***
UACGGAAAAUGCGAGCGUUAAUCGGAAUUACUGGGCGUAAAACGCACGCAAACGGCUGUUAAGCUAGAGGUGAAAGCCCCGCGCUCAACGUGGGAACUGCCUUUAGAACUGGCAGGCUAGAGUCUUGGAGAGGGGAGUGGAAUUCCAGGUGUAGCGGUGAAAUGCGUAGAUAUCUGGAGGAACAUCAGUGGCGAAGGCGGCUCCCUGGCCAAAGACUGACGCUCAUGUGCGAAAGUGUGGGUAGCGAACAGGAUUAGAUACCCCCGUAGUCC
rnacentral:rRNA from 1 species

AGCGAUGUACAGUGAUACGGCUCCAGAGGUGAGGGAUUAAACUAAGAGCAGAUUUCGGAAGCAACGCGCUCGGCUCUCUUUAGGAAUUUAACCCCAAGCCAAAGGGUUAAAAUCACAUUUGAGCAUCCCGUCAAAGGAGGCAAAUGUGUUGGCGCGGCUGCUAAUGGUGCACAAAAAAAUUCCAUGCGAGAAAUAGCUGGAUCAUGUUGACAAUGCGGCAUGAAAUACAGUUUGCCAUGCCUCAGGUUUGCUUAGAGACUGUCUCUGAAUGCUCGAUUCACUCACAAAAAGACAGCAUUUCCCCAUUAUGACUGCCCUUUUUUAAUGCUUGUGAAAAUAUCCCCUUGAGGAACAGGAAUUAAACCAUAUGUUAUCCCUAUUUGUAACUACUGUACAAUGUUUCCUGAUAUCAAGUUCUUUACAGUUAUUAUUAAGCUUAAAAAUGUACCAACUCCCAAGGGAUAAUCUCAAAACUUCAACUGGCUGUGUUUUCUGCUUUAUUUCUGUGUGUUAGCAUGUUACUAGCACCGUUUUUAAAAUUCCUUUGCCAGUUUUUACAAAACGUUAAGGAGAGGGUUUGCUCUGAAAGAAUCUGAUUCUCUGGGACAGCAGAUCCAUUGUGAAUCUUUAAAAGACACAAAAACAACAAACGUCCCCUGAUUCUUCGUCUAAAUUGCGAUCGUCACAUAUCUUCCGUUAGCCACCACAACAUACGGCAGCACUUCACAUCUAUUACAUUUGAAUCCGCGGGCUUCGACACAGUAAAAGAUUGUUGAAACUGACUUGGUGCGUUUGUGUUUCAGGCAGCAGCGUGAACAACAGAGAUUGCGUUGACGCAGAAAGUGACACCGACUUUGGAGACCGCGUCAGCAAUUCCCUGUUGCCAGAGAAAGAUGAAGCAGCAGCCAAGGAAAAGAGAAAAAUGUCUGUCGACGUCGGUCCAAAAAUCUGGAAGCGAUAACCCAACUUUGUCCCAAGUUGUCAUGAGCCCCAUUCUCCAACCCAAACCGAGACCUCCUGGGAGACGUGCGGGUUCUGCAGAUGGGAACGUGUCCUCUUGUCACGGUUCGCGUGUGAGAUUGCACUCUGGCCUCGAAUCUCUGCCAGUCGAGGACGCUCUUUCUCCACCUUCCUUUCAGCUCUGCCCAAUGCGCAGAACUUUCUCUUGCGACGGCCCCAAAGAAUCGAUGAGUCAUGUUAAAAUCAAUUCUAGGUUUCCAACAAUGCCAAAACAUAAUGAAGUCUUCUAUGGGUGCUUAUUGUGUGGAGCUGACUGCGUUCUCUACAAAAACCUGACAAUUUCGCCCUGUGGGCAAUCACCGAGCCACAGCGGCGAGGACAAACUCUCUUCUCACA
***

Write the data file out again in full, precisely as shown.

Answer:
UACGGAAAAUGCGAGCGUUAAUCGGAAUUACUGGGCGUAAAACGCACGCAAACGGCUGUUAAGCUAGAGGUGAAAGCCCCGCGCUCAACGUGGGAACUGCCUUUAGAACUGGCAGGCUAGAGUCUUGGAGAGGGGAGUGGAAUUCCAGGUGUAGCGGUGAAAUGCGUAGAUAUCUGGAGGAACAUCAGUGGCGAAGGCGGCUCCCUGGCCAAAGACUGACGCUCAUGUGCGAAAGUGUGGGUAGCGAACAGGAUUAGAUACCCCCGUAGUCC
rnacentral:rRNA from 1 species

AGCGAUGUACAGUGAUACGGCUCCAGAGGUGAGGGAUUAAACUAAGAGCAGAUUUCGGAAGCAACGCGCUCGGCUCUCUUUAGGAAUUUAACCCCAAGCCAAAGGGUUAAAAUCACAUUUGAGCAUCCCGUCAAAGGAGGCAAAUGUGUUGGCGCGGCUGCUAAUGGUGCACAAAAAAAUUCCAUGCGAGAAAUAGCUGGAUCAUGUUGACAAUGCGGCAUGAAAUACAGUUUGCCAUGCCUCAGGUUUGCUUAGAGACUGUCUCUGAAUGCUCGAUUCACUCACAAAAAGACAGCAUUUCCCCAUUAUGACUGCCCUUUUUUAAUGCUUGUGAAAAUAUCCCCUUGAGGAACAGGAAUUAAACCAUAUGUUAUCCCUAUUUGUAACUACUGUACAAUGUUUCCUGAUAUCAAGUUCUUUACAGUUAUUAUUAAGCUUAAAAAUGUACCAACUCCCAAGGGAUAAUCUCAAAACUUCAACUGGCUGUGUUUUCUGCUUUAUUUCUGUGUGUUAGCAUGUUACUAGCACCGUUUUUAAAAUUCCUUUGCCAGUUUUUACAAAACGUUAAGGAGAGGGUUUGCUCUGAAAGAAUCUGAUUCUCUGGGACAGCAGAUCCAUUGUGAAUCUUUAAAAGACACAAAAACAACAAACGUCCCCUGAUUCUUCGUCUAAAUUGCGAUCGUCACAUAUCUUCCGUUAGCCACCACAACAUACGGCAGCACUUCACAUCUAUUACAUUUGAAUCCGCGGGCUUCGACACAGUAAAAGAUUGUUGAAACUGACUUGGUGCGUUUGUGUUUCAGGCAGCAGCGUGAACAACAGAGAUUGCGUUGACGCAGAAAGUGACACCGACUUUGGAGACCGCGUCAGCAAUUCCCUGUUGCCAGAGAAAGAUGAAGCAGCAGCCAAGGAAAAGAGAAAAAUGUCUGUCGACGUCGGUCCAAAAAUCUGGAAGCGAUAACCCAACUUUGUCCCAAGUUGUCAUGAGCCCCAUUCUCCAACCCAAACCGAGACCUCCUGGGAGACGUGCGGGUUCUGCAGAUGGGAACGUGUCCUCUUGUCACGGUUCGCGUGUGAGAUUGCACUCUGGCCUCGAAUCUCUGCCAGUCGAGGACGCUCUUUCUCCACCUUCCUUUCAGCUCUGCCCAAUGCGCAGAACUUUCUCUUGCGACGGCCCCAAAGAAUCGAUGAGUCAUGUUAAAAUCAAUUCUAGGUUUCCAACAAUGCCAAAACAUAAUGAAGUCUUCUAUGGGUGCUUAUUGUGUGGAGCUGACUGCGUUCUCUACAAAAACCUGACAAUUUCGCCCUGUGGGCAAUCACCGAGCCACAGCGGCGAGGACAAACUCUCUUCUCACA